A raft of 10 bills received and signed Tuesday by Gov. Ron DeSantis includes a measure that would impose harsher penalties for people tampering with evidence in violent felony cases.
HB 287, carried by Rep. Sam Garrison in the House and Sen. Jennifer Bradley in the Senate as SB 796, will make tampering with or fabricating evidence a second-degree felony if done in a criminal trial, proceeding, or investigation relating to capital felonies.
The measure will take effect Oct. 1.
This legislation could bring a meaningful change to criminal investigations in capital felony cases. The bill would affect capital crimes specifically, bringing the evidence-tampering statute in line with the perjury statute, closing what former prosecutor Garrison has called a “long-standing loophole” in the law.
Currently, it’s a third-degree felony to tamper with evidence in all cases, and the law does not distinguish between tampering with evidence in murder and other capital felony cases and lesser offenses, such as possession of marijuana.
Expectations are that enhanced penalties would lead to more severe penalties on the charge.
A staff analysis of a similar bill filed for the 2021 Session asserted a potential “positive indeterminate impact on prison beds by increasing the felony degrees and penalties for tampering with or fabricating physical evidence in specified cases.”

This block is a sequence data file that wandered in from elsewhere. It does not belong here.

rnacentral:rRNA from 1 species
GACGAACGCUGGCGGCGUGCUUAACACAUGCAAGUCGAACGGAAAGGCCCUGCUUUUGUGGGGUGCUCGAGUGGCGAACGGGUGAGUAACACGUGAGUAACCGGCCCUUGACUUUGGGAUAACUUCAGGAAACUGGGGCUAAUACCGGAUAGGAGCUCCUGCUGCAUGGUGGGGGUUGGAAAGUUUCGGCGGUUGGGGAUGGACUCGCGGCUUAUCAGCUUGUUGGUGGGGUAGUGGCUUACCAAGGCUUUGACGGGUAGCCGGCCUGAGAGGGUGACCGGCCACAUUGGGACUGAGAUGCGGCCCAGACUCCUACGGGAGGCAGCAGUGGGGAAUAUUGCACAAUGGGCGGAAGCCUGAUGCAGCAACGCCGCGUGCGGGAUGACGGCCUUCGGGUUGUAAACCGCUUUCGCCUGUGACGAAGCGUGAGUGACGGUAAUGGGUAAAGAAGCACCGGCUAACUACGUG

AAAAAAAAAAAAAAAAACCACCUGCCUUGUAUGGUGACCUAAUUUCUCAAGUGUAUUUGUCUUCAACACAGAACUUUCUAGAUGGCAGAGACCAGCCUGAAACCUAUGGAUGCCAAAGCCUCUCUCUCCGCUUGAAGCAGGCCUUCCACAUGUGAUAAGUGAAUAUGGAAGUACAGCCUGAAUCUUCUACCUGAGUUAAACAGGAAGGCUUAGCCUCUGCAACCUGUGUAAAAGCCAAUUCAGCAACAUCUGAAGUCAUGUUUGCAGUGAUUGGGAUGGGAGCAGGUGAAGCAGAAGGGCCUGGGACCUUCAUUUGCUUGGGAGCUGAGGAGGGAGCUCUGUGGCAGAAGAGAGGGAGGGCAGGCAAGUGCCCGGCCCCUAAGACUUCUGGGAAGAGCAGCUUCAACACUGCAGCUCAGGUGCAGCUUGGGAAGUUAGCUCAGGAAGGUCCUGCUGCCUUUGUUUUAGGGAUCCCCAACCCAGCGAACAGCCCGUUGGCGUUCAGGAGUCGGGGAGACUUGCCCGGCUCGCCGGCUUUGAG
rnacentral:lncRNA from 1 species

Dozens of inmates are sentenced every year for tampering with evidence already. In Fiscal Year 2019-20, 57 inmates were convicted on that charge, with 68 convicted of evidence tampering the previous year.
Evidence tampering made headlines in Northeast Florida last year after the murder of a teenage girl in St. Johns County.
The suspect’s mother was charged with attempting to scrub the murder victim’s blood out of her son’s jeans, and despite the seriousness of the crime, only a third-degree felony charge is being pursued.
On top of the 10 measure signed by the Governor, lawmakers delivered DeSantis 10 other bills Tuesday, including legislation extending VISIT FLORIDA for five years.